Many older New Yorkers say they're likely to leave
New York City is a nice place to visit, but you wouldn't want to grow old here.
That seems to be the sentiment of a new AARP survey of registered voters aged 50+ showing that 58% of the city's boomers who are working and confident they will be able to retire are likely to leave.
Respondents kvetched about cars not yielding to pedestrians (69% said it was a major or minor problem), crime, traffic and streets in need of repair, but a giant 78% of all older renters said they were concerned about paying their rent in the coming years. More than half of all respondents (54%) deemed a lack of affordable housing a major problem and 17% said it was a minor problem.
Many aging New Yorkers want to remain, but "simply can't afford to do so," said Jonathan Bowles, executive director of the Center for an Urban Future.
"It's a real shame that people who give so much to New York in their prime can't afford to retire here," he said.
Many older New Yorkers threaten to depart, but more often they remain and complain, said Philip Kasinitz, a sociology professor at CUNY Graduate Center.
"If you're in a doorman building and you can get takeout, you're already in assisted living," he said. Who departs is very much dependent on an individual's housing situation, Kasinitz stressed: While co-op taxes have soared, older folks in the boroughs who own single family homes "have greatly benefited by the fact that NYC property taxes are so low," and have failed to keep up with their property's appreciation, said Kasinitz.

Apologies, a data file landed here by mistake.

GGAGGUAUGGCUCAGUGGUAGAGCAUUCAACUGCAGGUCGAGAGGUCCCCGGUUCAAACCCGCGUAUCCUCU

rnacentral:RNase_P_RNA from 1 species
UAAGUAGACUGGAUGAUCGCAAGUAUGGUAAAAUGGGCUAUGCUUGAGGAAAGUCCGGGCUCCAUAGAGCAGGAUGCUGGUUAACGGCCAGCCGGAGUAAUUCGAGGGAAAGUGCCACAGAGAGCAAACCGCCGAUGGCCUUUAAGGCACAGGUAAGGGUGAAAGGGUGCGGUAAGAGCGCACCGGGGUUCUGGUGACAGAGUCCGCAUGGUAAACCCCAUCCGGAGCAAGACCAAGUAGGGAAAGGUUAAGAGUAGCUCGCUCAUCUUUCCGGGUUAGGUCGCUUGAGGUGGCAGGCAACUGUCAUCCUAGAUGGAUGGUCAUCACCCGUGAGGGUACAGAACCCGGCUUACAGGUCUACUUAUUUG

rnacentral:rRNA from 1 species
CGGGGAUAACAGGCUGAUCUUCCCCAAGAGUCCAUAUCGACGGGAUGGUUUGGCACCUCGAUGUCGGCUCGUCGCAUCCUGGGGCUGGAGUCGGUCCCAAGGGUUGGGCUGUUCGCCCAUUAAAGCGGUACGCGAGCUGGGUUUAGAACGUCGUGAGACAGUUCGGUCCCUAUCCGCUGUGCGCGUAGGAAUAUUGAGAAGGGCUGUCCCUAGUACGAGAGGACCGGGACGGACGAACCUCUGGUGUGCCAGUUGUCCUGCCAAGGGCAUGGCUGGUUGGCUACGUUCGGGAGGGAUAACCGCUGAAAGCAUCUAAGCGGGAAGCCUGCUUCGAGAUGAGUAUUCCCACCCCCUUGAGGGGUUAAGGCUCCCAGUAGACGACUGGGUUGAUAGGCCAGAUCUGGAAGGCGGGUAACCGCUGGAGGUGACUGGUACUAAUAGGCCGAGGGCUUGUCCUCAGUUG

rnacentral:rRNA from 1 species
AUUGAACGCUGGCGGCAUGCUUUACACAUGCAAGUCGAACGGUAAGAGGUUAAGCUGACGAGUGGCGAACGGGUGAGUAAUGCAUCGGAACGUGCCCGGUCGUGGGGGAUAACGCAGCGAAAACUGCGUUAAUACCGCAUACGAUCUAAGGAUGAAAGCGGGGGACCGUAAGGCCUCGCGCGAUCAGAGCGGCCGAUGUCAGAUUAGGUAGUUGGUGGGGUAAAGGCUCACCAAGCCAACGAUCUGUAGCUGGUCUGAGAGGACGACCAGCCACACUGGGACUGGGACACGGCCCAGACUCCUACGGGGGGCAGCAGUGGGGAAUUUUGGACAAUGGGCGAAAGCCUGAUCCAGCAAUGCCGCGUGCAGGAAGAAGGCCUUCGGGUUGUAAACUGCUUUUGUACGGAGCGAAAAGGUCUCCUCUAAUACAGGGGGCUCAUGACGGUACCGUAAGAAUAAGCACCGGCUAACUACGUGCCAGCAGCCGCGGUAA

Further, many older renters benefit from "some form of rent regulation," that is rarely available to young newcomers, he noted.
Augusto Onna, 55, a professional musician and business owner, is one such New Yorker. "I have a rent stabilized apartment my wife and I have had for 30 years," where he plans to remain. While Onna, who lives on the Upper West Side, believes government could do a better job making subways and taxis accessible, he dubbed Manhattan a great place to age, saying,"I love the city!" He disputed study participants who complained that traffic lights are timed too fast to cross a street safely. The new "countdown" lights, showing the number of seconds left to cross, are terrific, he said.
Upper West Sider Dr. Irwin Abraham, 66, and his wife, also a physician, "will be in our apartment until they drag us out in a box," but Abraham concedes they are lucky. Mayor Michael Bloomberg, he said, "hasn't done enough to make housing affordable for people and that's a real problem."
Kasinitz conceded that affluent retirees who move to NYC to enjoy public transportation and its plethora of cultural events are not the same as those who have been squeezed out.
"The older people who have been there a long time help create deep connections in communities. They're often neighborhood figures," who volunteer, organize, and strengthen bonds between neighbors. "You lose a lot of that," when they go, he said.